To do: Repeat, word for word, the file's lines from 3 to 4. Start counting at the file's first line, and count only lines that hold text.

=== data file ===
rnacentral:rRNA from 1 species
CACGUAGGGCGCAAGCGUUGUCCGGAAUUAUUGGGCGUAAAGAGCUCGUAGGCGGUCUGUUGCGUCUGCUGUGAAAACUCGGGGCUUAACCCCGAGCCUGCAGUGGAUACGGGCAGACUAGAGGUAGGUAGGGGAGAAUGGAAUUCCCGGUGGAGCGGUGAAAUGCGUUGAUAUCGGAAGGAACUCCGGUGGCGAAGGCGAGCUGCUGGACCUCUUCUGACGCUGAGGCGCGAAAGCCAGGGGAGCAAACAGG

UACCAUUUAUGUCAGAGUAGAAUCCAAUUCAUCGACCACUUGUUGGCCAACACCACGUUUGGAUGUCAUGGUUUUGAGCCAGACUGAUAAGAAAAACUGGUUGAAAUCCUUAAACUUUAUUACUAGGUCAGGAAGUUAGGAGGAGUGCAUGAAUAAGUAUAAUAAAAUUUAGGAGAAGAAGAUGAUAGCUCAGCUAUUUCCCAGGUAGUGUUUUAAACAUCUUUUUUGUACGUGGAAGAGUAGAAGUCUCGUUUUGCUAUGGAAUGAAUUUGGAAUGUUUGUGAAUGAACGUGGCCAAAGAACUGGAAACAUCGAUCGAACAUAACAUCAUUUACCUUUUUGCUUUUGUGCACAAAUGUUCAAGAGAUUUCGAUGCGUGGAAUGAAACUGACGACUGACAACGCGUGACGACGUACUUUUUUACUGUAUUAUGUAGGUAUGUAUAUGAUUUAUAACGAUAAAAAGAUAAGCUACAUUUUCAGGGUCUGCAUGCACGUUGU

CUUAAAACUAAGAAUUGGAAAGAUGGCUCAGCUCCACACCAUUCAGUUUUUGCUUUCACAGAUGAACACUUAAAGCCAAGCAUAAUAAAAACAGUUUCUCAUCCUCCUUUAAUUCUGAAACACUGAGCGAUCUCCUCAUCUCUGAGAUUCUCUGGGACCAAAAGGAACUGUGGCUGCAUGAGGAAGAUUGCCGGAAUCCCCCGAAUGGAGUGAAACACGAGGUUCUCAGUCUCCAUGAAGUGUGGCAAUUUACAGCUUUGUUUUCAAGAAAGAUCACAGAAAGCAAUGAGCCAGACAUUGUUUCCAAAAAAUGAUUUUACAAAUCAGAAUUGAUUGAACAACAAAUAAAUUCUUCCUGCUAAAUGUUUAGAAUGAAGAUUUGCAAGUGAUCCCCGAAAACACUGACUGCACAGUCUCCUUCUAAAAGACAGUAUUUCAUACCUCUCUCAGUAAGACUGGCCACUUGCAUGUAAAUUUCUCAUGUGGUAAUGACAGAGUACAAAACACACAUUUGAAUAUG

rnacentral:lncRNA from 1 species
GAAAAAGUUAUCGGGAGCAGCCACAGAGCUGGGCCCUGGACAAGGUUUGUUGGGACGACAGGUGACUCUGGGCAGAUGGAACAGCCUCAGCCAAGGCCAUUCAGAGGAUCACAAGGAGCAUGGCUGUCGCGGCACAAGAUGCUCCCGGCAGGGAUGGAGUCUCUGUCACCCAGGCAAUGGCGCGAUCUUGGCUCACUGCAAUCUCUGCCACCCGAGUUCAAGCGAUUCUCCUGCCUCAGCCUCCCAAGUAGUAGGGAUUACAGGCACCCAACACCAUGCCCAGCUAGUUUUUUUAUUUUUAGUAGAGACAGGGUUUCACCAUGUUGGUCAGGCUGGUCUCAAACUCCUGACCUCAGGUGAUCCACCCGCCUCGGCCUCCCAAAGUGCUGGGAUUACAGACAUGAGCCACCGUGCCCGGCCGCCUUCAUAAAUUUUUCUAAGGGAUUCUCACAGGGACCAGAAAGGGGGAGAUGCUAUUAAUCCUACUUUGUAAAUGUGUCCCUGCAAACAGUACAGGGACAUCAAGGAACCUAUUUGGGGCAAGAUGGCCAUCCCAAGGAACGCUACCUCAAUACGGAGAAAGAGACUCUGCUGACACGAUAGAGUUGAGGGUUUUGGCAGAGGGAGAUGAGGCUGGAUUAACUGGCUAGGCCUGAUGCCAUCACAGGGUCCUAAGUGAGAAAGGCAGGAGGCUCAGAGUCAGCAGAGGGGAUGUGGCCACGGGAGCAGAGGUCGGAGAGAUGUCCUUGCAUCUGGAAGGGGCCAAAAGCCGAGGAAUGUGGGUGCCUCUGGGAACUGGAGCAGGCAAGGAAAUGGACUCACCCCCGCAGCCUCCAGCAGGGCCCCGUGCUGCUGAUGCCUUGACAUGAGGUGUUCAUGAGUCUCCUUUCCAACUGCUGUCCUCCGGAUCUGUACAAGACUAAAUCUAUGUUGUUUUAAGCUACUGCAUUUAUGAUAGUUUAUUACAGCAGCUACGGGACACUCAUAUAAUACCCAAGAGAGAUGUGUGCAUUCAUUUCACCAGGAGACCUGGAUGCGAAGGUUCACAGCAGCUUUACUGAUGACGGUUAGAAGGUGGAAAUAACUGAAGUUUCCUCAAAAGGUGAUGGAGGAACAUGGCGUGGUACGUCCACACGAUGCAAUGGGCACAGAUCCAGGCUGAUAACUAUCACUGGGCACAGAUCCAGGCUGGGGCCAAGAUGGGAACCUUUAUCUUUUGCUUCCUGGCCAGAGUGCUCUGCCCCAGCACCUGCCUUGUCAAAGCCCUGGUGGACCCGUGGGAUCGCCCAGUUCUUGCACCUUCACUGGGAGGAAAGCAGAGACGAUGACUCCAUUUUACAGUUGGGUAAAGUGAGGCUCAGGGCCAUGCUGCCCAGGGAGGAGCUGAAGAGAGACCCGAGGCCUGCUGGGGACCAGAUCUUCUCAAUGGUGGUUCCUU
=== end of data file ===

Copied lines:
UACCAUUUAUGUCAGAGUAGAAUCCAAUUCAUCGACCACUUGUUGGCCAACACCACGUUUGGAUGUCAUGGUUUUGAGCCAGACUGAUAAGAAAAACUGGUUGAAAUCCUUAAACUUUAUUACUAGGUCAGGAAGUUAGGAGGAGUGCAUGAAUAAGUAUAAUAAAAUUUAGGAGAAGAAGAUGAUAGCUCAGCUAUUUCCCAGGUAGUGUUUUAAACAUCUUUUUUGUACGUGGAAGAGUAGAAGUCUCGUUUUGCUAUGGAAUGAAUUUGGAAUGUUUGUGAAUGAACGUGGCCAAAGAACUGGAAACAUCGAUCGAACAUAACAUCAUUUACCUUUUUGCUUUUGUGCACAAAUGUUCAAGAGAUUUCGAUGCGUGGAAUGAAACUGACGACUGACAACGCGUGACGACGUACUUUUUUACUGUAUUAUGUAGGUAUGUAUAUGAUUUAUAACGAUAAAAAGAUAAGCUACAUUUUCAGGGUCUGCAUGCACGUUGU

CUUAAAACUAAGAAUUGGAAAGAUGGCUCAGCUCCACACCAUUCAGUUUUUGCUUUCACAGAUGAACACUUAAAGCCAAGCAUAAUAAAAACAGUUUCUCAUCCUCCUUUAAUUCUGAAACACUGAGCGAUCUCCUCAUCUCUGAGAUUCUCUGGGACCAAAAGGAACUGUGGCUGCAUGAGGAAGAUUGCCGGAAUCCCCCGAAUGGAGUGAAACACGAGGUUCUCAGUCUCCAUGAAGUGUGGCAAUUUACAGCUUUGUUUUCAAGAAAGAUCACAGAAAGCAAUGAGCCAGACAUUGUUUCCAAAAAAUGAUUUUACAAAUCAGAAUUGAUUGAACAACAAAUAAAUUCUUCCUGCUAAAUGUUUAGAAUGAAGAUUUGCAAGUGAUCCCCGAAAACACUGACUGCACAGUCUCCUUCUAAAAGACAGUAUUUCAUACCUCUCUCAGUAAGACUGGCCACUUGCAUGUAAAUUUCUCAUGUGGUAAUGACAGAGUACAAAACACACAUUUGAAUAUG